U.S. bankruptcy judge approves Purdue Pharma's $7 million executive bonus plan

(Reuters) – Purdue Pharma, the bankrupt maker of the OxyContin painkiller, on Monday obtained court approval to pay up to $7.1 million in incentive payments for five top executives if they meet certain goals, despite opposition from U.S. government lawyers.

A pharmacist holds a bottle OxyContin made by Purdue Pharma at a pharmacy in Provo, Utah, U.S., May 9, 2019. REUTERS/George Frey

U.S. Bankruptcy Judge Robert Drain in White Plains, New York, signed off on the executive incentive plan at the conclusion of a virtual hearing.

His ruling comes about two weeks after he said he would approve Purdue’s reorganization plan, which rests on a $10 billion settlement of opioid-related litigation.

The judge said repeatedly during Monday’s hearing that he does not consider the incentive payments “bonuses” because even if they are paid out in full, the executives would still only fall in the middle of the total compensation range for executives at major pharmaceutical companies. The incentive payments, he said, are essentially part of the executives’ salaries, he added.

“It’s easy — too easy in fact — to say that an incentive program is always a bonus,” Drain said.

“No doubt my ruling will be construed by some as authorizing large bonuses to executives. I do not believe that is in fact the case here,” he added. “A bonus is something you get over and above median compensation.”

He rejected an argument from the U.S. Department of Justice’s bankruptcy watchdog, the U.S. Trustee, that Purdue failed to show that the 2021 incentive plan is truly incentivizing, rather than a bonus for executives who are simply showing up to work. The U.S. Trustee frequently objects to bonuses for executives of companies that are in bankruptcy.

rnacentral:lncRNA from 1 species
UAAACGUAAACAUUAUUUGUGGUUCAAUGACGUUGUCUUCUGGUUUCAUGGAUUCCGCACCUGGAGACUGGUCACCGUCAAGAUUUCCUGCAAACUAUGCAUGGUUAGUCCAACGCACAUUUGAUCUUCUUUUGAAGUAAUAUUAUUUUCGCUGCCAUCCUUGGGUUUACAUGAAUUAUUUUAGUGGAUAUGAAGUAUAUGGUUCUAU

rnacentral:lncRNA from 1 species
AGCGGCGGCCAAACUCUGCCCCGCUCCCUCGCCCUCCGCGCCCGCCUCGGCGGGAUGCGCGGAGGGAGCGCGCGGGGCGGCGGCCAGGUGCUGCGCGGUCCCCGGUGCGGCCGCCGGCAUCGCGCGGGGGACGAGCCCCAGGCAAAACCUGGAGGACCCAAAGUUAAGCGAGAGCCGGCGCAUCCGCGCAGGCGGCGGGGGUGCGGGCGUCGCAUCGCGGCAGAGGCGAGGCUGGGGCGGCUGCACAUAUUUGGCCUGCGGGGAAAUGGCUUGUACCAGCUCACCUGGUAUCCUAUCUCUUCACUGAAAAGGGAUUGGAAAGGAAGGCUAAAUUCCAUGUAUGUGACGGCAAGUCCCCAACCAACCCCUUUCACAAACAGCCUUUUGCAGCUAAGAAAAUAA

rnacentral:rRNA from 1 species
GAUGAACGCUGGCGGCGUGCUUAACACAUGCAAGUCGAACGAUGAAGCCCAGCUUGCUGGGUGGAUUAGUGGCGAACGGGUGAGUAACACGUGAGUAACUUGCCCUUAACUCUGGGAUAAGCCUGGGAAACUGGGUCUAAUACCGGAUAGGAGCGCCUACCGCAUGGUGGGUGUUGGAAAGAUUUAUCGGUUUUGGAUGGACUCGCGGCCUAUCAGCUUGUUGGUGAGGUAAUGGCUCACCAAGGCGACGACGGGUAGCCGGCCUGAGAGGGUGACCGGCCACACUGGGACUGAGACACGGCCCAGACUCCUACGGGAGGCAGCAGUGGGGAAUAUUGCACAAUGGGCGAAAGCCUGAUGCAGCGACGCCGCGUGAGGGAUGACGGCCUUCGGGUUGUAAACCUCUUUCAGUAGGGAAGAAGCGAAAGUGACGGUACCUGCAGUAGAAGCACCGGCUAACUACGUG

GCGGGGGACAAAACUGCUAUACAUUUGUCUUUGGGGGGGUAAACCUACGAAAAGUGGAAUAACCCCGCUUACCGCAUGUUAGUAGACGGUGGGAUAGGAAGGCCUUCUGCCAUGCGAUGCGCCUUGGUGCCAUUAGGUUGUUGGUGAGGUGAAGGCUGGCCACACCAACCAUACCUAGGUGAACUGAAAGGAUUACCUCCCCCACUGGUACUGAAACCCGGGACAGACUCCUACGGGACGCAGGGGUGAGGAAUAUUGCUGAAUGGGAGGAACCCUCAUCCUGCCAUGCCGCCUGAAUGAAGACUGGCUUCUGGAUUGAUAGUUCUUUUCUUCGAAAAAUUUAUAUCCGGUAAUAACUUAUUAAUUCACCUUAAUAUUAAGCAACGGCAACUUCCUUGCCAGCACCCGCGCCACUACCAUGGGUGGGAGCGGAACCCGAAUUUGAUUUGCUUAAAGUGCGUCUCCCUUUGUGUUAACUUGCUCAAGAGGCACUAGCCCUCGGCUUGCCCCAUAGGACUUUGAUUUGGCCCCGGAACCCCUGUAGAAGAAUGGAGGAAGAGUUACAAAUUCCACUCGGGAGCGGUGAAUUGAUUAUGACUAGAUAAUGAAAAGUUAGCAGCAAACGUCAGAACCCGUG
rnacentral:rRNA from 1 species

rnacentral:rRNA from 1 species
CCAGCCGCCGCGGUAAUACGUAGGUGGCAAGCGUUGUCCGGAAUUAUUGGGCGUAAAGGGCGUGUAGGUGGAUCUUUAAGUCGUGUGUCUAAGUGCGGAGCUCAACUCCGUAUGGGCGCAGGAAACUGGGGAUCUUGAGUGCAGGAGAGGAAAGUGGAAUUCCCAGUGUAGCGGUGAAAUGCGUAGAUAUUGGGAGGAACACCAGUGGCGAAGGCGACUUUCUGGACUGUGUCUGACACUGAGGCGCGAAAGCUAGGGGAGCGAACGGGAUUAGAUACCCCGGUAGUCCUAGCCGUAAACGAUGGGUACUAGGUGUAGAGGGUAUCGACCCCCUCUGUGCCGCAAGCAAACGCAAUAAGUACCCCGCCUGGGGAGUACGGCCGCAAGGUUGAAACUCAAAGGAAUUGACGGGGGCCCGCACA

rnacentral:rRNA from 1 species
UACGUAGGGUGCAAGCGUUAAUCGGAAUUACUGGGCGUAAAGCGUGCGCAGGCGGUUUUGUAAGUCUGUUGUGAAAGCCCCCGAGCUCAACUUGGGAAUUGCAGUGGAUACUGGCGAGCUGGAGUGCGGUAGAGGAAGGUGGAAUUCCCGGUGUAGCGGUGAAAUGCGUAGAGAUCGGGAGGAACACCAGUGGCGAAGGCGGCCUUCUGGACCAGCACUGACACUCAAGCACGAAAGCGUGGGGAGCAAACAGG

The total potential payouts for the five executives for 2021 is $4 million to $5.4 million, depending on their ability to meet their goals. They could also collect up to an additional $1.7 million in the form of long-term incentives. To receive their bonuses, the executives would have to meet a variety of targets, including meeting deadlines with respect to testing and development of non-opioid products, as well as operating profits, net sales and operating losses, according to court papers.

The targets also include the implementation of a diversity, equity and inclusion plan through the end of 2021.

If the executives meet the goals, they would receive their bonus payments on June 30, 2022.

Drain approved Purdue’s reorganization plan on Sept. 1, but the process of implementing it is ongoing. The plan rests on a $10 billion settlement that resolves thousands of lawsuits accusing the company and its owners, the Sackler family, of fueling the opioid crisis through deceptive marketing of its products.

The Sacklers contributed approximately $4.5 billion to the settlement in exchange for the release of future opioid-related litigation.

Under the plan, Purdue will reorganize as a public-benefit company with profits steered toward victims of the crisis through opioid abatement programs.

A handful of states that opposed the settlement have already filed appeals.

More than 500,000 Americans have died since 1999 from opioid overdoses, according to the Centers for Disease Control and Prevention.

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